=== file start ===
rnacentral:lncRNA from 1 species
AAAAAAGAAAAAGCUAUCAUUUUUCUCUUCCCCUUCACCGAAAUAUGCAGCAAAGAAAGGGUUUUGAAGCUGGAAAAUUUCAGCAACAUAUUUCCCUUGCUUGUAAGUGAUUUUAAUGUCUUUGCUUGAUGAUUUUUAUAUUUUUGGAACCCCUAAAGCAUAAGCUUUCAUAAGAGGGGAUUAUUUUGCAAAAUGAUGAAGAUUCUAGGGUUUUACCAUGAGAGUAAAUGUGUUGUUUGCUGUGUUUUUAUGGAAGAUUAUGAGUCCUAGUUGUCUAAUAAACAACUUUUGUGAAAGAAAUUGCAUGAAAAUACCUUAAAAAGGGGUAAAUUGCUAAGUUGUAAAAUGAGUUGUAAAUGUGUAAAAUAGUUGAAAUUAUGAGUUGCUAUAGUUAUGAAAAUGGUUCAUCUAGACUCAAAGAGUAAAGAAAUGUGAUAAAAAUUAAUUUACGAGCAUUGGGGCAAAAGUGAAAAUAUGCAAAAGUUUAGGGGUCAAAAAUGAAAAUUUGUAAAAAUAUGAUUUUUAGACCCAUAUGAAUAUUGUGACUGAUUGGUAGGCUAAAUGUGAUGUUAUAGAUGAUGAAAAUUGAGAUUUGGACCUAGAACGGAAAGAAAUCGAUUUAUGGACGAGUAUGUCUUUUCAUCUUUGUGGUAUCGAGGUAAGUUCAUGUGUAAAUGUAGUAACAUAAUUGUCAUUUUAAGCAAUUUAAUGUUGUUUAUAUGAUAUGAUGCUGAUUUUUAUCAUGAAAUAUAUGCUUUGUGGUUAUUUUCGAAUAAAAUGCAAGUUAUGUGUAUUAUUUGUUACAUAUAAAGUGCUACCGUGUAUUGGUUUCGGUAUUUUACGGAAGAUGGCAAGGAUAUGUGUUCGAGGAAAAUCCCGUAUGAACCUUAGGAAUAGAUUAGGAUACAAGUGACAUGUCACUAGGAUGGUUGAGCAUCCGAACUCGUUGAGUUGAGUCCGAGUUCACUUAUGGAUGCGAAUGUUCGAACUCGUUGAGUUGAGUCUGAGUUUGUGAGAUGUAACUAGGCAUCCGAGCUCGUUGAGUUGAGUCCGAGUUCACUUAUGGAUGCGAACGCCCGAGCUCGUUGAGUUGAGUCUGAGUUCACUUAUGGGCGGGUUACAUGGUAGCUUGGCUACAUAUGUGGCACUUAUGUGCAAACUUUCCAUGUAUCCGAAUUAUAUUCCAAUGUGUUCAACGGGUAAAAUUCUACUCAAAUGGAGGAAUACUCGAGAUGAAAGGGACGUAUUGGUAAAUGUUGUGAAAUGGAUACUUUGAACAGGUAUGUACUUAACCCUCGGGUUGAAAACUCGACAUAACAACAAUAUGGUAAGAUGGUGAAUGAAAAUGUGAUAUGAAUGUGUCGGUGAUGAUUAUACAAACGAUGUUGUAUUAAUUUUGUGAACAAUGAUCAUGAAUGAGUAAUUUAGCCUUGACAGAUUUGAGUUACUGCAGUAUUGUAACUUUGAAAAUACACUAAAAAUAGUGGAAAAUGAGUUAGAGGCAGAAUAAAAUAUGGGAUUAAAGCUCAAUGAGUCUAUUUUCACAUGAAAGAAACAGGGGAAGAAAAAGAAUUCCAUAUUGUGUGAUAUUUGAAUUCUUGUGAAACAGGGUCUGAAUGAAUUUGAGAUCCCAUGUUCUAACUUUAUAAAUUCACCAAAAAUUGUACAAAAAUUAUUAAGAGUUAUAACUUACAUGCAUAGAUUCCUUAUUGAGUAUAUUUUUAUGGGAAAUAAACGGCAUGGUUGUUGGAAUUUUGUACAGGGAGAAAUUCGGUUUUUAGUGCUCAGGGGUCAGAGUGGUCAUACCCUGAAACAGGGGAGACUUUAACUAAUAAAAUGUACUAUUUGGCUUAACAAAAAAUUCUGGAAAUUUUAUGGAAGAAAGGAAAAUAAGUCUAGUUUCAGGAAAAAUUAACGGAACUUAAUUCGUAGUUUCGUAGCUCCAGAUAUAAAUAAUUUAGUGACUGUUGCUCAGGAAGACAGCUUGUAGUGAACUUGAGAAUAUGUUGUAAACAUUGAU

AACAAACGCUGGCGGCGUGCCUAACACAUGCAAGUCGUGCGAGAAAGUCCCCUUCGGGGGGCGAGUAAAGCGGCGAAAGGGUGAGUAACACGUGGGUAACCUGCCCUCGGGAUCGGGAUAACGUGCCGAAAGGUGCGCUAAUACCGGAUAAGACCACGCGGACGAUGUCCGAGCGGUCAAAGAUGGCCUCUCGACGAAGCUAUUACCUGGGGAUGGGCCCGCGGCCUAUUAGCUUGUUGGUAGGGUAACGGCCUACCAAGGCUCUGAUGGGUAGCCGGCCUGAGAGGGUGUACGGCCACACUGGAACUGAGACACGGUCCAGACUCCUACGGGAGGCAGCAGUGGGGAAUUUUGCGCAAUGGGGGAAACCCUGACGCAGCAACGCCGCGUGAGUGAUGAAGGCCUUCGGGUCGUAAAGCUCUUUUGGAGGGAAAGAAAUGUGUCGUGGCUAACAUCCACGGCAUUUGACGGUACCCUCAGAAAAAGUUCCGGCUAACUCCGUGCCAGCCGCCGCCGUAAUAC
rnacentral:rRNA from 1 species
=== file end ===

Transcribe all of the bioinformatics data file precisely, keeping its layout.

rnacentral:lncRNA from 1 species
AAAAAAGAAAAAGCUAUCAUUUUUCUCUUCCCCUUCACCGAAAUAUGCAGCAAAGAAAGGGUUUUGAAGCUGGAAAAUUUCAGCAACAUAUUUCCCUUGCUUGUAAGUGAUUUUAAUGUCUUUGCUUGAUGAUUUUUAUAUUUUUGGAACCCCUAAAGCAUAAGCUUUCAUAAGAGGGGAUUAUUUUGCAAAAUGAUGAAGAUUCUAGGGUUUUACCAUGAGAGUAAAUGUGUUGUUUGCUGUGUUUUUAUGGAAGAUUAUGAGUCCUAGUUGUCUAAUAAACAACUUUUGUGAAAGAAAUUGCAUGAAAAUACCUUAAAAAGGGGUAAAUUGCUAAGUUGUAAAAUGAGUUGUAAAUGUGUAAAAUAGUUGAAAUUAUGAGUUGCUAUAGUUAUGAAAAUGGUUCAUCUAGACUCAAAGAGUAAAGAAAUGUGAUAAAAAUUAAUUUACGAGCAUUGGGGCAAAAGUGAAAAUAUGCAAAAGUUUAGGGGUCAAAAAUGAAAAUUUGUAAAAAUAUGAUUUUUAGACCCAUAUGAAUAUUGUGACUGAUUGGUAGGCUAAAUGUGAUGUUAUAGAUGAUGAAAAUUGAGAUUUGGACCUAGAACGGAAAGAAAUCGAUUUAUGGACGAGUAUGUCUUUUCAUCUUUGUGGUAUCGAGGUAAGUUCAUGUGUAAAUGUAGUAACAUAAUUGUCAUUUUAAGCAAUUUAAUGUUGUUUAUAUGAUAUGAUGCUGAUUUUUAUCAUGAAAUAUAUGCUUUGUGGUUAUUUUCGAAUAAAAUGCAAGUUAUGUGUAUUAUUUGUUACAUAUAAAGUGCUACCGUGUAUUGGUUUCGGUAUUUUACGGAAGAUGGCAAGGAUAUGUGUUCGAGGAAAAUCCCGUAUGAACCUUAGGAAUAGAUUAGGAUACAAGUGACAUGUCACUAGGAUGGUUGAGCAUCCGAACUCGUUGAGUUGAGUCCGAGUUCACUUAUGGAUGCGAAUGUUCGAACUCGUUGAGUUGAGUCUGAGUUUGUGAGAUGUAACUAGGCAUCCGAGCUCGUUGAGUUGAGUCCGAGUUCACUUAUGGAUGCGAACGCCCGAGCUCGUUGAGUUGAGUCUGAGUUCACUUAUGGGCGGGUUACAUGGUAGCUUGGCUACAUAUGUGGCACUUAUGUGCAAACUUUCCAUGUAUCCGAAUUAUAUUCCAAUGUGUUCAACGGGUAAAAUUCUACUCAAAUGGAGGAAUACUCGAGAUGAAAGGGACGUAUUGGUAAAUGUUGUGAAAUGGAUACUUUGAACAGGUAUGUACUUAACCCUCGGGUUGAAAACUCGACAUAACAACAAUAUGGUAAGAUGGUGAAUGAAAAUGUGAUAUGAAUGUGUCGGUGAUGAUUAUACAAACGAUGUUGUAUUAAUUUUGUGAACAAUGAUCAUGAAUGAGUAAUUUAGCCUUGACAGAUUUGAGUUACUGCAGUAUUGUAACUUUGAAAAUACACUAAAAAUAGUGGAAAAUGAGUUAGAGGCAGAAUAAAAUAUGGGAUUAAAGCUCAAUGAGUCUAUUUUCACAUGAAAGAAACAGGGGAAGAAAAAGAAUUCCAUAUUGUGUGAUAUUUGAAUUCUUGUGAAACAGGGUCUGAAUGAAUUUGAGAUCCCAUGUUCUAACUUUAUAAAUUCACCAAAAAUUGUACAAAAAUUAUUAAGAGUUAUAACUUACAUGCAUAGAUUCCUUAUUGAGUAUAUUUUUAUGGGAAAUAAACGGCAUGGUUGUUGGAAUUUUGUACAGGGAGAAAUUCGGUUUUUAGUGCUCAGGGGUCAGAGUGGUCAUACCCUGAAACAGGGGAGACUUUAACUAAUAAAAUGUACUAUUUGGCUUAACAAAAAAUUCUGGAAAUUUUAUGGAAGAAAGGAAAAUAAGUCUAGUUUCAGGAAAAAUUAACGGAACUUAAUUCGUAGUUUCGUAGCUCCAGAUAUAAAUAAUUUAGUGACUGUUGCUCAGGAAGACAGCUUGUAGUGAACUUGAGAAUAUGUUGUAAACAUUGAU

AACAAACGCUGGCGGCGUGCCUAACACAUGCAAGUCGUGCGAGAAAGUCCCCUUCGGGGGGCGAGUAAAGCGGCGAAAGGGUGAGUAACACGUGGGUAACCUGCCCUCGGGAUCGGGAUAACGUGCCGAAAGGUGCGCUAAUACCGGAUAAGACCACGCGGACGAUGUCCGAGCGGUCAAAGAUGGCCUCUCGACGAAGCUAUUACCUGGGGAUGGGCCCGCGGCCUAUUAGCUUGUUGGUAGGGUAACGGCCUACCAAGGCUCUGAUGGGUAGCCGGCCUGAGAGGGUGUACGGCCACACUGGAACUGAGACACGGUCCAGACUCCUACGGGAGGCAGCAGUGGGGAAUUUUGCGCAAUGGGGGAAACCCUGACGCAGCAACGCCGCGUGAGUGAUGAAGGCCUUCGGGUCGUAAAGCUCUUUUGGAGGGAAAGAAAUGUGUCGUGGCUAACAUCCACGGCAUUUGACGGUACCCUCAGAAAAAGUUCCGGCUAACUCCGUGCCAGCCGCCGCCGUAAUAC
rnacentral:rRNA from 1 species